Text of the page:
19. I have been hearing from a lot of people about my lack of discussion about the commercial soundtrack releases. I bring up such things only if it feels like something historic happened with the soundtrack release. Other times, I do record something but take it out in the interest of time and flow of the episode. Besides, my plan since the beginning has been to focus mainly on the music as heard in the film, and the composition itself. But, I will take your comment into consideration going forward. That was the goal that Erik and I made for this episode. We knew there were lots of people who did not like this score, and we wanted to "convert" them. I'm glad you are enjoying the score now.
  20. Year Two of "The Baton: A John Williams Musical Journey" has begun, and I am giving you TWO new episodes today. The first is a fun and lively discussion about the score to "E.T. The Extra-Terrestrial," including those amazing final 15 minutes. The other episode focuses on the drama "Monsignor," which marked John Williams' first straight dramatic film in eight years and featured a very un-romantic love theme for Christopher Reeve and Genevieve Bujold. I have already recorded episodes 58-60, and those will be released over the next three Wednesdays. I am looking forward to bringing you the final 55 episodes of this podcast, and thanks to everyone for being a part of this journey with me!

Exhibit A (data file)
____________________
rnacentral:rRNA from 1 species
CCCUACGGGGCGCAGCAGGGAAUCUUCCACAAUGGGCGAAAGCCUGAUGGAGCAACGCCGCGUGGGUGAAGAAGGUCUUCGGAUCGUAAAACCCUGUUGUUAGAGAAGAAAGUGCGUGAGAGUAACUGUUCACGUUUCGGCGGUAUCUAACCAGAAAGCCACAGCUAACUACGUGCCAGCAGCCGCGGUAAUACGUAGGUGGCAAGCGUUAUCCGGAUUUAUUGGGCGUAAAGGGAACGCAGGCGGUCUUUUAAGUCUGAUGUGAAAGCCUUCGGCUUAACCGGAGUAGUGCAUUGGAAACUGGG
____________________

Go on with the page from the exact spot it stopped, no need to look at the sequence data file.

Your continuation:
21. The first year of "The Baton" is coming to a close. I'm so grateful to everyone who has been a part of this fun and insightful journey since the beginning, and thankful to those who found the podcast later and became new fans. I am very excited to get Year Two started, but for now, please enjoy the final episode of the year, which focuses on the film "Heartbeeps" and its very fine score by John Williams. See you in 2020 for 56 more episodes!
  22. I am very excited about the newest episode in my podcast, because it features a discussion of the best score ever written: "The Empire Strikes Back". I am joined on this episode by Pittsburgh Symphony Orchestra trombonist Jim Nova, who helps me understand why Vader's theme is so sinister. We also talk about that stellar music during the asteroid field chase, the big lightsaber battle in the bowels of Cloud City and whether or not the score would translate into a great musical. Learn much in this episode, you will! "The Empire Strikes Back"
  23. I didn't know it either, until a year ago! I'm glad there is some new information in the episode for you!
  24. Let's get back on topic … though there is a Jerry Goldsmith connection. The 50th episode of "The Baton" is here! And the score discussed in this episode is a "super" one. I'm joined by co-host Doug Grieve as we discuss the music to "Superman." I'm sure everyone reading this knows that John Williams was not the original composer for "Superman," and we discuss that a bit while theorizing about the relationship between John Williams and Jerry Goldsmith. But, this episode is really about analyzing this great score, from the record-setting opening titles to the wonderfully orchestrated theme for the villains. Enjoy! "Superman" episode on "The Baton: A John Williams Musical Journey"